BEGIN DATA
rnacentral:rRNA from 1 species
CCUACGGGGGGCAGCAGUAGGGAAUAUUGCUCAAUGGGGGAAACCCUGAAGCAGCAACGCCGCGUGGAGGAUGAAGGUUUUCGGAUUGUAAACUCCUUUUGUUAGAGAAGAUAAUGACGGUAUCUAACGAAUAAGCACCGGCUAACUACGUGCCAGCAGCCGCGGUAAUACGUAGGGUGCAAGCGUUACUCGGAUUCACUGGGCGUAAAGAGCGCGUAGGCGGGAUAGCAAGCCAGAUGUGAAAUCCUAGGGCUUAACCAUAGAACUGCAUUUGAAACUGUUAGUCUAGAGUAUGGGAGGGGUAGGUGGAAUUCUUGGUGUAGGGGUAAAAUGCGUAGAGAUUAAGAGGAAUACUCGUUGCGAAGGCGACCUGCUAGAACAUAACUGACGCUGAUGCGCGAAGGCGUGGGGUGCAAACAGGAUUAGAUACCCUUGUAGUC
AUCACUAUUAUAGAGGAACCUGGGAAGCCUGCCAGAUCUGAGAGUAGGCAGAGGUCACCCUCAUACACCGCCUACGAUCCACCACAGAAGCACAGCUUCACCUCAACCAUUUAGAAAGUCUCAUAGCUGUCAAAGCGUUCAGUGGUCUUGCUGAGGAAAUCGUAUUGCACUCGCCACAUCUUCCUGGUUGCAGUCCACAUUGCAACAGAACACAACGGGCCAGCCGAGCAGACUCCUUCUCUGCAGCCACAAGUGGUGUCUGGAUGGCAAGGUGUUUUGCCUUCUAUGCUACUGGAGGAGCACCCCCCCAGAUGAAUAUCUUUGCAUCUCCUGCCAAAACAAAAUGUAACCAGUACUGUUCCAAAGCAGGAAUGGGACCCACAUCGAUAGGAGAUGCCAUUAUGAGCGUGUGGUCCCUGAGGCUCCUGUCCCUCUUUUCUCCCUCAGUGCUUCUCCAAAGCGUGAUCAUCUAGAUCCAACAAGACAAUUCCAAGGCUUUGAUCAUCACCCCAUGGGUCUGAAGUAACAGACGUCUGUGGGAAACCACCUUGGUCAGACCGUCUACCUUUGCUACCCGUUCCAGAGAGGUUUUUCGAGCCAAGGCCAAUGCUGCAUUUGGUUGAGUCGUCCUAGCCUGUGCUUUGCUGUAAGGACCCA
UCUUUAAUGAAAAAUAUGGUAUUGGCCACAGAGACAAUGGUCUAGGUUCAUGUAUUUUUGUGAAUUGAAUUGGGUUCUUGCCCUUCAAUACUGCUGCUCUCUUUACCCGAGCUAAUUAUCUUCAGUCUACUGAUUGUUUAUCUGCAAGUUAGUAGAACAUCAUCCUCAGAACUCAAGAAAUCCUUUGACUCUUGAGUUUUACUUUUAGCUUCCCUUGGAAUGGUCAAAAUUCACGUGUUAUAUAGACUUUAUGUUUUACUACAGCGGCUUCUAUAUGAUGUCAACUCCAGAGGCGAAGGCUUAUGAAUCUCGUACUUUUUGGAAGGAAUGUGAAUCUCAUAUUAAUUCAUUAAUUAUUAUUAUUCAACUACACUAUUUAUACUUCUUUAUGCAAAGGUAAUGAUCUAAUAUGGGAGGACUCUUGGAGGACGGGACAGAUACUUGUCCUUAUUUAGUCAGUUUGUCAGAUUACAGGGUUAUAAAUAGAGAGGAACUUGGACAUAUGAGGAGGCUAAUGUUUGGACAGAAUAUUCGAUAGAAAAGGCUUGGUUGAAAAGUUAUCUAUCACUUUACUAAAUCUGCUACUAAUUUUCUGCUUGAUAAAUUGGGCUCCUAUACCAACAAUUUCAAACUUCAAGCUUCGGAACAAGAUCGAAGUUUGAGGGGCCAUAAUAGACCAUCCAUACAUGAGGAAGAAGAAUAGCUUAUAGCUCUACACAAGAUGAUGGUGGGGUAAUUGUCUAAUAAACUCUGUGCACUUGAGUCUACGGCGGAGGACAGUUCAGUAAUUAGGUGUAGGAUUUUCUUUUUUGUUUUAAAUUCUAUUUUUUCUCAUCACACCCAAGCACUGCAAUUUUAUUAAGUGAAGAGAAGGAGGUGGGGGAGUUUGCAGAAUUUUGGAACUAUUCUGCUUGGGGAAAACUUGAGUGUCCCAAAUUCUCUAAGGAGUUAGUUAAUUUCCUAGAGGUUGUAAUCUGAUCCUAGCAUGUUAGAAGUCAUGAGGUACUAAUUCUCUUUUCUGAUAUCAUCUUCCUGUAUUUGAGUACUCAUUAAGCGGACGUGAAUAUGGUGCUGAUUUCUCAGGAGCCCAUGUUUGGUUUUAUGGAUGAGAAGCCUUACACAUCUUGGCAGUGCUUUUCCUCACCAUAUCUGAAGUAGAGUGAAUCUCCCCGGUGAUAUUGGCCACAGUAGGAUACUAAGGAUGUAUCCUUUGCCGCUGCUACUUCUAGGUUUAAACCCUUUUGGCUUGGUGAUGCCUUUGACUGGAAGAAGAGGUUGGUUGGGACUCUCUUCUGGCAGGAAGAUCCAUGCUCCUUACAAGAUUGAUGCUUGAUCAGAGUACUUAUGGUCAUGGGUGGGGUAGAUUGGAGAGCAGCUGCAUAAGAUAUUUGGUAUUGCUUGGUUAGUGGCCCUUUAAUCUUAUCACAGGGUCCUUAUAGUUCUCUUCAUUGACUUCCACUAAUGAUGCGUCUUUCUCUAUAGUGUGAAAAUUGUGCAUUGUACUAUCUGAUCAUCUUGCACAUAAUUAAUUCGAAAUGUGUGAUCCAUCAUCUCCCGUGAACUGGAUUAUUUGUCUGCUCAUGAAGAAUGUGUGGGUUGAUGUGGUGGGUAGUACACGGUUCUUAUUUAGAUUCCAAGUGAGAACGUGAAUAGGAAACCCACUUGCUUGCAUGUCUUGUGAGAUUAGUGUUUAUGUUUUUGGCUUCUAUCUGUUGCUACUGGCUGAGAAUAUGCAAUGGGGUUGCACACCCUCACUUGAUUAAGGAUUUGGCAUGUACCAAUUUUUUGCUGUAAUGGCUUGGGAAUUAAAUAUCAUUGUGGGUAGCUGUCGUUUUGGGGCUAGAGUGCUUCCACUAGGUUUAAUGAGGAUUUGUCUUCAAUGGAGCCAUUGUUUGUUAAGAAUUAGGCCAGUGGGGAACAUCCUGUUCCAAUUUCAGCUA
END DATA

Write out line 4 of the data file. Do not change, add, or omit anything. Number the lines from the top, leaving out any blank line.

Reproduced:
UCUUUAAUGAAAAAUAUGGUAUUGGCCACAGAGACAAUGGUCUAGGUUCAUGUAUUUUUGUGAAUUGAAUUGGGUUCUUGCCCUUCAAUACUGCUGCUCUCUUUACCCGAGCUAAUUAUCUUCAGUCUACUGAUUGUUUAUCUGCAAGUUAGUAGAACAUCAUCCUCAGAACUCAAGAAAUCCUUUGACUCUUGAGUUUUACUUUUAGCUUCCCUUGGAAUGGUCAAAAUUCACGUGUUAUAUAGACUUUAUGUUUUACUACAGCGGCUUCUAUAUGAUGUCAACUCCAGAGGCGAAGGCUUAUGAAUCUCGUACUUUUUGGAAGGAAUGUGAAUCUCAUAUUAAUUCAUUAAUUAUUAUUAUUCAACUACACUAUUUAUACUUCUUUAUGCAAAGGUAAUGAUCUAAUAUGGGAGGACUCUUGGAGGACGGGACAGAUACUUGUCCUUAUUUAGUCAGUUUGUCAGAUUACAGGGUUAUAAAUAGAGAGGAACUUGGACAUAUGAGGAGGCUAAUGUUUGGACAGAAUAUUCGAUAGAAAAGGCUUGGUUGAAAAGUUAUCUAUCACUUUACUAAAUCUGCUACUAAUUUUCUGCUUGAUAAAUUGGGCUCCUAUACCAACAAUUUCAAACUUCAAGCUUCGGAACAAGAUCGAAGUUUGAGGGGCCAUAAUAGACCAUCCAUACAUGAGGAAGAAGAAUAGCUUAUAGCUCUACACAAGAUGAUGGUGGGGUAAUUGUCUAAUAAACUCUGUGCACUUGAGUCUACGGCGGAGGACAGUUCAGUAAUUAGGUGUAGGAUUUUCUUUUUUGUUUUAAAUUCUAUUUUUUCUCAUCACACCCAAGCACUGCAAUUUUAUUAAGUGAAGAGAAGGAGGUGGGGGAGUUUGCAGAAUUUUGGAACUAUUCUGCUUGGGGAAAACUUGAGUGUCCCAAAUUCUCUAAGGAGUUAGUUAAUUUCCUAGAGGUUGUAAUCUGAUCCUAGCAUGUUAGAAGUCAUGAGGUACUAAUUCUCUUUUCUGAUAUCAUCUUCCUGUAUUUGAGUACUCAUUAAGCGGACGUGAAUAUGGUGCUGAUUUCUCAGGAGCCCAUGUUUGGUUUUAUGGAUGAGAAGCCUUACACAUCUUGGCAGUGCUUUUCCUCACCAUAUCUGAAGUAGAGUGAAUCUCCCCGGUGAUAUUGGCCACAGUAGGAUACUAAGGAUGUAUCCUUUGCCGCUGCUACUUCUAGGUUUAAACCCUUUUGGCUUGGUGAUGCCUUUGACUGGAAGAAGAGGUUGGUUGGGACUCUCUUCUGGCAGGAAGAUCCAUGCUCCUUACAAGAUUGAUGCUUGAUCAGAGUACUUAUGGUCAUGGGUGGGGUAGAUUGGAGAGCAGCUGCAUAAGAUAUUUGGUAUUGCUUGGUUAGUGGCCCUUUAAUCUUAUCACAGGGUCCUUAUAGUUCUCUUCAUUGACUUCCACUAAUGAUGCGUCUUUCUCUAUAGUGUGAAAAUUGUGCAUUGUACUAUCUGAUCAUCUUGCACAUAAUUAAUUCGAAAUGUGUGAUCCAUCAUCUCCCGUGAACUGGAUUAUUUGUCUGCUCAUGAAGAAUGUGUGGGUUGAUGUGGUGGGUAGUACACGGUUCUUAUUUAGAUUCCAAGUGAGAACGUGAAUAGGAAACCCACUUGCUUGCAUGUCUUGUGAGAUUAGUGUUUAUGUUUUUGGCUUCUAUCUGUUGCUACUGGCUGAGAAUAUGCAAUGGGGUUGCACACCCUCACUUGAUUAAGGAUUUGGCAUGUACCAAUUUUUUGCUGUAAUGGCUUGGGAAUUAAAUAUCAUUGUGGGUAGCUGUCGUUUUGGGGCUAGAGUGCUUCCACUAGGUUUAAUGAGGAUUUGUCUUCAAUGGAGCCAUUGUUUGUUAAGAAUUAGGCCAGUGGGGAACAUCCUGUUCCAAUUUCAGCUA